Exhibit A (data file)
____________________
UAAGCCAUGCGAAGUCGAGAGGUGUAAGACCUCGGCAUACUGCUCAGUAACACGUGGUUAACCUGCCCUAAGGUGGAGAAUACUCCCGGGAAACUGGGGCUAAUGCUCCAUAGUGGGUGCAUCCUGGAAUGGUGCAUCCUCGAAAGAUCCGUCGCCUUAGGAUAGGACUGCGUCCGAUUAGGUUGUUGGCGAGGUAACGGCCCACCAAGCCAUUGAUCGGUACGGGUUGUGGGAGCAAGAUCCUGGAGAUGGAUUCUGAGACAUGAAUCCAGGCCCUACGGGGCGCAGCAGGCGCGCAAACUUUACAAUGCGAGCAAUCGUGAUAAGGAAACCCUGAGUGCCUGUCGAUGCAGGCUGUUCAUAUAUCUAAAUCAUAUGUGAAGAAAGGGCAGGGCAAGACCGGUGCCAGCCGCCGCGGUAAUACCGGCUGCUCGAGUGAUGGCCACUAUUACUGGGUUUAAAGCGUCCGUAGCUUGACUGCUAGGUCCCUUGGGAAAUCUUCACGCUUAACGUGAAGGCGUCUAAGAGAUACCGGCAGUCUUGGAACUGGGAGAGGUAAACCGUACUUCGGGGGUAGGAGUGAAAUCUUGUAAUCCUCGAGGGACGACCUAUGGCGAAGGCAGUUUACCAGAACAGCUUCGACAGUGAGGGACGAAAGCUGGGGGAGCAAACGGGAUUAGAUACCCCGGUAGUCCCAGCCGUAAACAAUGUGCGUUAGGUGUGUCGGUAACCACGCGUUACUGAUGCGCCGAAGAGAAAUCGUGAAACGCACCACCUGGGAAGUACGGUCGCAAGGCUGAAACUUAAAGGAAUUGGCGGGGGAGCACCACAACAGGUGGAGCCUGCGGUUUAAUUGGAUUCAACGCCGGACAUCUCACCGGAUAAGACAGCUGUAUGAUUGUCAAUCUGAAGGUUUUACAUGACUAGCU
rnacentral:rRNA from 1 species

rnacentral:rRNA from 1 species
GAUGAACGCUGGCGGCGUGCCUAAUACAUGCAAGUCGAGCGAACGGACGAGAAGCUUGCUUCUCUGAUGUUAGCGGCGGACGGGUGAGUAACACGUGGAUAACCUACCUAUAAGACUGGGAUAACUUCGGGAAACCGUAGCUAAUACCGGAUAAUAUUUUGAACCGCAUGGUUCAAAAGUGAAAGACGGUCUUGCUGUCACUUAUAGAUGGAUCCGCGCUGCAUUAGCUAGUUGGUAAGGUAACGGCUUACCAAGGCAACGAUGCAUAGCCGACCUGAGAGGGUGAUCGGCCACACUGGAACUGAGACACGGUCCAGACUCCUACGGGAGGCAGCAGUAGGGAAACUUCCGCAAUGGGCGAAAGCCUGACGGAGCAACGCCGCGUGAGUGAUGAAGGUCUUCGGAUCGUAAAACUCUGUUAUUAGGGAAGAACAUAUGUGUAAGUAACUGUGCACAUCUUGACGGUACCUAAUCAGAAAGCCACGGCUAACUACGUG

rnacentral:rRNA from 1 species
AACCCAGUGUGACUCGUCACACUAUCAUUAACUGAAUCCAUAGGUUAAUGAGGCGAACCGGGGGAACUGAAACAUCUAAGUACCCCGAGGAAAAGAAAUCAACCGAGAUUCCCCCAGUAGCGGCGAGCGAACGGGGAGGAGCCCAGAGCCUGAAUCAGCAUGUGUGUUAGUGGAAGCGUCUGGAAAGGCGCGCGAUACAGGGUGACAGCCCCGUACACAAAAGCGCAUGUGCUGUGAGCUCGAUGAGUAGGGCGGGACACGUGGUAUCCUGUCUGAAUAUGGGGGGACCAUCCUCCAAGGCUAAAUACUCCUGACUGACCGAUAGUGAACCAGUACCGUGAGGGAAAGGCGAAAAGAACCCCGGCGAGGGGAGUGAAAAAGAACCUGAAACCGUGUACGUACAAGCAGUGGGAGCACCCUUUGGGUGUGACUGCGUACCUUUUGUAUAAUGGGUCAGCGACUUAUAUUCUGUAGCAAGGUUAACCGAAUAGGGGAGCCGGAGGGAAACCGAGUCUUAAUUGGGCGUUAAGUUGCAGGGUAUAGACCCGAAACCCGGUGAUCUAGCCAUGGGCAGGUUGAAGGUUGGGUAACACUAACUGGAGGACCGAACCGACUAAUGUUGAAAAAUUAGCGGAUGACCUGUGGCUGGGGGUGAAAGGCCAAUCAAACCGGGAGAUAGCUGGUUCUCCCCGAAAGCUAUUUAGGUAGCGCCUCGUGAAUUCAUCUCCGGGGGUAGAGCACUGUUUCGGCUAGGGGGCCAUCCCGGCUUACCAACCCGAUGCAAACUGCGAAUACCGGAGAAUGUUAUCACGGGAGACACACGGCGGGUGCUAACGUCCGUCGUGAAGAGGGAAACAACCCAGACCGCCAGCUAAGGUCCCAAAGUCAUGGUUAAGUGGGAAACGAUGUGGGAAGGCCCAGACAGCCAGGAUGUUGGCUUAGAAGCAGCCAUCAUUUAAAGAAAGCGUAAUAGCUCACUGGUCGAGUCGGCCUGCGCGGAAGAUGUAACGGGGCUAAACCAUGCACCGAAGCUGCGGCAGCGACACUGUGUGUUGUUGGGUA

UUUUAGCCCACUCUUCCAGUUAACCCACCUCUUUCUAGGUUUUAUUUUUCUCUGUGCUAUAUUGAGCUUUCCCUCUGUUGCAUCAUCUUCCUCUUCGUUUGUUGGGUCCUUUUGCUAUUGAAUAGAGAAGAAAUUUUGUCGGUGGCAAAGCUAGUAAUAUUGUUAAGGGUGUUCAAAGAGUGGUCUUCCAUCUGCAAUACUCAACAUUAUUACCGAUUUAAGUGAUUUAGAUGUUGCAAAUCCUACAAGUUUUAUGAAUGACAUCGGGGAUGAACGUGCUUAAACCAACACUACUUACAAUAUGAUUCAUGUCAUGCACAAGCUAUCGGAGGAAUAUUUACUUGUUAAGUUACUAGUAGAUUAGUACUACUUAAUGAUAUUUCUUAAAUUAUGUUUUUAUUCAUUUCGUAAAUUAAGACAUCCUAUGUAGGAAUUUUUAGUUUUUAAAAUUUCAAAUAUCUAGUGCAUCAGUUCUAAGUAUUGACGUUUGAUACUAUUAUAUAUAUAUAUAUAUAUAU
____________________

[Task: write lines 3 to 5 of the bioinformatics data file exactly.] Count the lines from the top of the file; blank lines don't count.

rnacentral:rRNA from 1 species
GAUGAACGCUGGCGGCGUGCCUAAUACAUGCAAGUCGAGCGAACGGACGAGAAGCUUGCUUCUCUGAUGUUAGCGGCGGACGGGUGAGUAACACGUGGAUAACCUACCUAUAAGACUGGGAUAACUUCGGGAAACCGUAGCUAAUACCGGAUAAUAUUUUGAACCGCAUGGUUCAAAAGUGAAAGACGGUCUUGCUGUCACUUAUAGAUGGAUCCGCGCUGCAUUAGCUAGUUGGUAAGGUAACGGCUUACCAAGGCAACGAUGCAUAGCCGACCUGAGAGGGUGAUCGGCCACACUGGAACUGAGACACGGUCCAGACUCCUACGGGAGGCAGCAGUAGGGAAACUUCCGCAAUGGGCGAAAGCCUGACGGAGCAACGCCGCGUGAGUGAUGAAGGUCUUCGGAUCGUAAAACUCUGUUAUUAGGGAAGAACAUAUGUGUAAGUAACUGUGCACAUCUUGACGGUACCUAAUCAGAAAGCCACGGCUAACUACGUG

rnacentral:rRNA from 1 species